Third - Ensuring compliance and support for customs, trade facilitation and other government processes that are increasingly digitalized

The modernization agenda also includes governments. A lot of work has been done by nations to agree on and to evolve strategies for trade facilitation, reduce operational barriers at borders and to manage the flows of goods securely. Digitalization plays an important role here. One example is IATA’s work supporting the roll out of the EU’s new Pre-Loading Advance Cargo Information (PLACI) System. PLACI went live on 1 March 2023 despite 12 European States not being ready and not having given definitive information about their timelines for readiness. We are working with these states to provide the necessary clarity to enable airlines to adapt their own implementation planning.

These are big projects. And they are pushing us in the right direction. But we need to move these forward even as the operating environment becomes more challenging.



Alongside sustainability and efficiency is safety. And here the agenda for air cargo continues to be dominated by lithium batteries.

The first priority is to stop rogue shippers. A lot has been done. But, quite honestly, it is still not enough. Civil aviation authorities must take strong action against shippers not declaring lithium batteries in cargo or mail shipments. And all governments need to support ICAO’s efforts to strengthen the standards in Annex 18 – The Safe Transport of Dangerous Goods.

So, we still need counter measures in case improperly packaged shipments do get on board. Here we are engaging with EASA and FAA to develop a test standard for fire-resistant aircraft containers with a fire involving lithium batteries. The aim is for ULDs to contain a lithium battery fire for up to six hours.

We have made progress on the specific challenge of handling lithium battery powered vehicles. From 1 January 2025 we will have a single standard to identify all such vehicles including vehicles such as hover boards, e-scooters and e-bikes, as well as traditional passenger vehicles throughout the transport process.

And, more broadly, the CEIV Lithium Battery program continues to grow, with 31 companies now certified. These encompass the supply chain with a mix of airlines, freight forwarders, cargo handling facilities and shippers. Having seen the success of CEIV in promoting better transport of pharmaceuticals, fresh products, and live animals, we can be confident that the growth of this program will raise the bar for high quality and safe transport of lithium batteries for all participants in the supply chain.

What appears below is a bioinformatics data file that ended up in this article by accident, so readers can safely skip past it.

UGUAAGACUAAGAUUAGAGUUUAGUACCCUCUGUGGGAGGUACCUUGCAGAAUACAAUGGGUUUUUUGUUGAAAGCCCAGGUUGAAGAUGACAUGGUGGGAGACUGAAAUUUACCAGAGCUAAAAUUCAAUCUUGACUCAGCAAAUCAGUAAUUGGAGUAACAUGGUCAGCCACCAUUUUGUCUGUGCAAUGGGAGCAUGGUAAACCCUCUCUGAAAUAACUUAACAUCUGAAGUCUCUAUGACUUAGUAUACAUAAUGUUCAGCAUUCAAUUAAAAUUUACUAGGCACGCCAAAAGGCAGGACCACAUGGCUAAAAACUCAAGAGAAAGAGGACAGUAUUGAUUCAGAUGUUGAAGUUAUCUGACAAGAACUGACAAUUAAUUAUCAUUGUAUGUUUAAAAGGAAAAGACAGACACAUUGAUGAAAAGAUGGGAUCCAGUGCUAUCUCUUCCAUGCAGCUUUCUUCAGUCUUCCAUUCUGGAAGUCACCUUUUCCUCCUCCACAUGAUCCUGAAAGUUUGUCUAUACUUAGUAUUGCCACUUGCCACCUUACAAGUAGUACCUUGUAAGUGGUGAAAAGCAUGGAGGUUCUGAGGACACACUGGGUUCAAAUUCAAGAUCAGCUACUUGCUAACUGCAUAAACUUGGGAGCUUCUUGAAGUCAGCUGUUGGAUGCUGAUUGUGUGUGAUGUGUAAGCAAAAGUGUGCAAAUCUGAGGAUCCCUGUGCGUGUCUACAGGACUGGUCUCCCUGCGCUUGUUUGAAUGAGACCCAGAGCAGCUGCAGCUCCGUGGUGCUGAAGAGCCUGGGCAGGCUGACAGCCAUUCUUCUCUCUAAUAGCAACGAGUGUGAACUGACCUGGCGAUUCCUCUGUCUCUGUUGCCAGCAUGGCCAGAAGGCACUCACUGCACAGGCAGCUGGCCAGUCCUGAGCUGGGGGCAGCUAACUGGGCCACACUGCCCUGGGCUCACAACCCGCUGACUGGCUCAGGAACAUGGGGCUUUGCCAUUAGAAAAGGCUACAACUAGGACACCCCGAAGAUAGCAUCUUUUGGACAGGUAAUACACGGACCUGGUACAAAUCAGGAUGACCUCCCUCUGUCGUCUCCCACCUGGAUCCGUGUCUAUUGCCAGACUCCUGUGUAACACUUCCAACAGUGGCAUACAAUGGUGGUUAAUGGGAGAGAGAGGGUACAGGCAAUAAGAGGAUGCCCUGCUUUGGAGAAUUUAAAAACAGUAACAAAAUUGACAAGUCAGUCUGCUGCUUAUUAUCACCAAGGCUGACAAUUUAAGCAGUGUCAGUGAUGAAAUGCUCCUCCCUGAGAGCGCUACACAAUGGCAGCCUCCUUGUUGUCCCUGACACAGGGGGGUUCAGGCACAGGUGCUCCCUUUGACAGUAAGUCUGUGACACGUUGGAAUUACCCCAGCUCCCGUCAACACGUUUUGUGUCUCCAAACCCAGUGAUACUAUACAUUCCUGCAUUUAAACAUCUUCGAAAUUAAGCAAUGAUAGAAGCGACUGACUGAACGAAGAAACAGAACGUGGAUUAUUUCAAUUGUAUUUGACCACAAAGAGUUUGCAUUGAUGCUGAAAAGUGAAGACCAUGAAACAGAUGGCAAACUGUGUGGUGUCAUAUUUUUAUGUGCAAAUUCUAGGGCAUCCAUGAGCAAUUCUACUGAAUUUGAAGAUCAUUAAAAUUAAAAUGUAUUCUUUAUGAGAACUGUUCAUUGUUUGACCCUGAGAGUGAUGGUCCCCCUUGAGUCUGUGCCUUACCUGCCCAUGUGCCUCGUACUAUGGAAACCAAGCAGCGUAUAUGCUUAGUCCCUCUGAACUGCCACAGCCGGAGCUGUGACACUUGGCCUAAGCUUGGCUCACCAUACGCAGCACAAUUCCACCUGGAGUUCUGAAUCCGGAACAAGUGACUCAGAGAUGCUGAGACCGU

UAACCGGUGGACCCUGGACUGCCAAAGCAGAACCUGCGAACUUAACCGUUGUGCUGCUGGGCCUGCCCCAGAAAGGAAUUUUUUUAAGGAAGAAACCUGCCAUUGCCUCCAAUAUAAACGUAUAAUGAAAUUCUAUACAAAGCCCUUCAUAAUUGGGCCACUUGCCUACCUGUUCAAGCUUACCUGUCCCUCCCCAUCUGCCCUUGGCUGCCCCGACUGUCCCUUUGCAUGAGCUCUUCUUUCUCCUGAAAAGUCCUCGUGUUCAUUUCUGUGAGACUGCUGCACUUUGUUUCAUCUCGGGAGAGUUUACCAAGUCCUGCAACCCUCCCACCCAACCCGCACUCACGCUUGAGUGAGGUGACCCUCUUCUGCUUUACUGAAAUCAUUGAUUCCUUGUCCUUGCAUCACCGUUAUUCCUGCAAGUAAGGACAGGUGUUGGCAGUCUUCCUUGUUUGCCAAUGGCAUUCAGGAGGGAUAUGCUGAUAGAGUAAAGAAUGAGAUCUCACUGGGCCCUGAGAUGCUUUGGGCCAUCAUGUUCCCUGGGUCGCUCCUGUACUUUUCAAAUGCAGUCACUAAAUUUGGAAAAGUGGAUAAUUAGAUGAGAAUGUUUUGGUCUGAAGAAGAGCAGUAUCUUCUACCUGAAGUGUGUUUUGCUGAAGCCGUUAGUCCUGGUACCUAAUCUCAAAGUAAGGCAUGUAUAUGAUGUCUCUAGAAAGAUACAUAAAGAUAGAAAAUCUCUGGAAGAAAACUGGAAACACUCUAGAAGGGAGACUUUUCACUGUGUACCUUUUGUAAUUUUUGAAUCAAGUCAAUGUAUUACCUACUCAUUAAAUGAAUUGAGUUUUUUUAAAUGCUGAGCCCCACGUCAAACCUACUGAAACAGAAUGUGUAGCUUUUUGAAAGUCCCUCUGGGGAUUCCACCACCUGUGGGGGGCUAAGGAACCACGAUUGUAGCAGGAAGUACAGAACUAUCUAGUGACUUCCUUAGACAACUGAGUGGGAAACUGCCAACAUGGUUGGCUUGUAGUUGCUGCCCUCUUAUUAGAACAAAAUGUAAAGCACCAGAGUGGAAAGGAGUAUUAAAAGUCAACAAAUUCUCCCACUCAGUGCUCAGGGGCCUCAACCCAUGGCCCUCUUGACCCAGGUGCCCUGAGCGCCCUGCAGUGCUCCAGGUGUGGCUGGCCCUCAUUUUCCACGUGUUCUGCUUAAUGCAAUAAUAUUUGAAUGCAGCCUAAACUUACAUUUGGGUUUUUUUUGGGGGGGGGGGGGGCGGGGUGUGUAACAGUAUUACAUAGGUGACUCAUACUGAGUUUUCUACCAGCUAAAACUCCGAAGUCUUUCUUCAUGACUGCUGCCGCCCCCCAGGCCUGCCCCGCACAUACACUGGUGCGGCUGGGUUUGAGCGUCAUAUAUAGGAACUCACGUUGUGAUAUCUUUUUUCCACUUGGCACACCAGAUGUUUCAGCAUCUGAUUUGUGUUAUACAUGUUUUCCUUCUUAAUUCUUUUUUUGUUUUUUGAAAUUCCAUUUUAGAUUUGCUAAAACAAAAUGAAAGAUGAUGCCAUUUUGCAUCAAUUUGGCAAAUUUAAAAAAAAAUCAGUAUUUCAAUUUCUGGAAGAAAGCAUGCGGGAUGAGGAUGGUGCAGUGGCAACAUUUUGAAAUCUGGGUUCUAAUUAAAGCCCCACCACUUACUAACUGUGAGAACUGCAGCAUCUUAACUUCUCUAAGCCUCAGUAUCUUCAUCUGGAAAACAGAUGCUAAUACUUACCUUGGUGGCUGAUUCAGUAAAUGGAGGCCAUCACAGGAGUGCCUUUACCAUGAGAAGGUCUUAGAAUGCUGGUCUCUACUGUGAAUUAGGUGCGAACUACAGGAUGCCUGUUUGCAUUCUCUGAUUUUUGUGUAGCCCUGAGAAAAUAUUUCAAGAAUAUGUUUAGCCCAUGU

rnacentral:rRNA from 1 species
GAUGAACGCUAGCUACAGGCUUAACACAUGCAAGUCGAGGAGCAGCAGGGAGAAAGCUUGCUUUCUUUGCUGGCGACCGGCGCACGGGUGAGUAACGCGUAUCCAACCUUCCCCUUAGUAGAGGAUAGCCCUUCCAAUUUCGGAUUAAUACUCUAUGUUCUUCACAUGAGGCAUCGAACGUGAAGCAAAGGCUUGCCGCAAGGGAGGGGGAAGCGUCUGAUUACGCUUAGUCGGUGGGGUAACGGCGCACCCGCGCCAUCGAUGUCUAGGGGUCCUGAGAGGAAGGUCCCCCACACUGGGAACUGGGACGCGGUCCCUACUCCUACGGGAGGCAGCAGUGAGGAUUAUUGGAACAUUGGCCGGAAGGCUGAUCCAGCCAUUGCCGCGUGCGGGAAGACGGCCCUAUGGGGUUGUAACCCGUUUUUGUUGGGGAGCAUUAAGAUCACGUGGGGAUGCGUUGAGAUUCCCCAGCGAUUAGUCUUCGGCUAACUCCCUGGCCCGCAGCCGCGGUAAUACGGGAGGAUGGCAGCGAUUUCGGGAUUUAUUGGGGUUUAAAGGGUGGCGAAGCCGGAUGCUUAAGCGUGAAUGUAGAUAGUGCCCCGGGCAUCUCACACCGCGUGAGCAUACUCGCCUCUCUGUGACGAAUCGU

And one last point that I would like to make on the topic of safety is the progress that we have made in joining dangerous goods shipping data to the rest of the air cargo operation. We just released Connect API to link DG AutoCheck data with operational and back-office functions. This will improve speed, efficiency and safety.   



Before closing I would like to focus on people.

Unfortunately, thousands of cargo handler jobs were eliminated during the pandemic and there are still staffing challenges.

In a recent industry survey 34% of cargo professionals told us that they foresaw staffing gaps till the end of 2023 and 57% felt that they did not have enough qualified staff to provide smooth operations.

Additionally, more than a quarter (27%) of respondents told us that there is a significant risk that existing staff will not stay with the organization for long.

Post pandemic we need to improve our competitiveness as an employer by:

  • Looking to automation to eliminate difficult and hazardous tasks, ensuring that our employees can focus on more engaging, value-added roles.
  • Fostering a culture of continuous learning and growth, so we can empower our employees with opportunities for professional development and career advancement

We also need to continue with programs that will attract people to air cargo and keep them here by making them feel proud to be employed in this industry. Specifically,

  • The Future Air Cargo Executive (FACE) program which is open to all air cargo / logistical employees under 35 and provides a specific summit for this next generation as part of the annual IATA World Cargo Symposium.
  • And the IATA 25 by 2025 initiative to promote equal gender opportunities and highlight the industry’s commitment to woman in leadership. So far 190 airlines have joined this including nine dedicated cargo carriers.

By embracing these changes, we can transform the air cargo industry into a more attractive and competitive employment sector, ensuring our ability to excel in the global market for years to come.



I will bring my remarks to a close by reflecting on why we are all here today. Air cargo is a critically important industry. We should always be guided by that fact.

Our work is helping build a better future for the people of the world. We are in an industry that saves lives, delivering aid and relief to those in need. The industry mobilized to support those affected by the earthquakes in Syria and Türkiye.

While there is no comprehensive tabulation, a limited review of 29 key carriers serving the Türkiye market revealed over 3,500 tons of relief was delivered from over 90 countries and 350 relief and repatriation flights were operated to affected areas.

We must work together to ensure that air cargo remains a reliable and efficient means of providing support to those in need, while simultaneously strengthening our global supply chains and contributing to the sustainable development of our economies.

Let’s keep that in mind as we navigate the many challenges of our business and drive change needed for a strong future.

Finally, I wish you a successful conference.

Thank you